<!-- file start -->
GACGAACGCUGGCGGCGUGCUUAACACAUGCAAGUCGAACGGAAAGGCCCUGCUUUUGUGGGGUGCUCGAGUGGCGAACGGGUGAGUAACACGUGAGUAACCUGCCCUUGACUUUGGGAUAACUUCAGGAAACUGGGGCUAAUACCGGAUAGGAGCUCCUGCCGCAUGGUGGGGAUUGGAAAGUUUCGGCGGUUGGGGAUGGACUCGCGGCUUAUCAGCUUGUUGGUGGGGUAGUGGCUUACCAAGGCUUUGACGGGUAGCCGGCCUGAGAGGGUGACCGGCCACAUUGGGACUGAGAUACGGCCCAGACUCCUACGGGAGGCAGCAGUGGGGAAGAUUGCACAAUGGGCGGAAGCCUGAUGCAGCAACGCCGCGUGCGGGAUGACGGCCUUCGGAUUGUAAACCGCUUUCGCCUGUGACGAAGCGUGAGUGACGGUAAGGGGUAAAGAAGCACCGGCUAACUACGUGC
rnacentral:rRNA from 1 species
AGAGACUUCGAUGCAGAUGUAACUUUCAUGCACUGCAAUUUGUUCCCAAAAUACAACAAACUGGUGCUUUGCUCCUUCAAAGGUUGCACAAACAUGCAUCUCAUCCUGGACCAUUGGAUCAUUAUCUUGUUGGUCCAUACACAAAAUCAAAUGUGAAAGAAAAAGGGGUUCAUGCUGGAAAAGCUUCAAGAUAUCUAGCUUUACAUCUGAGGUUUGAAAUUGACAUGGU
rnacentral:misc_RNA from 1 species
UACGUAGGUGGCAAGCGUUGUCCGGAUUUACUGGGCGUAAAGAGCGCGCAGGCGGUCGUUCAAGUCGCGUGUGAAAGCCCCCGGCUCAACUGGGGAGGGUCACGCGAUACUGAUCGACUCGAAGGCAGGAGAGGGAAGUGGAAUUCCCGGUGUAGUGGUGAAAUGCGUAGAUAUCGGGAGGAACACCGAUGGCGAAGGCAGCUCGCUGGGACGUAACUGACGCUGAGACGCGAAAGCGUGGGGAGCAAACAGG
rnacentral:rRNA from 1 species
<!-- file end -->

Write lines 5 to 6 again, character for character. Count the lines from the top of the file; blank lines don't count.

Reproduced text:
UACGUAGGUGGCAAGCGUUGUCCGGAUUUACUGGGCGUAAAGAGCGCGCAGGCGGUCGUUCAAGUCGCGUGUGAAAGCCCCCGGCUCAACUGGGGAGGGUCACGCGAUACUGAUCGACUCGAAGGCAGGAGAGGGAAGUGGAAUUCCCGGUGUAGUGGUGAAAUGCGUAGAUAUCGGGAGGAACACCGAUGGCGAAGGCAGCUCGCUGGGACGUAACUGACGCUGAGACGCGAAAGCGUGGGGAGCAAACAGG
rnacentral:rRNA from 1 species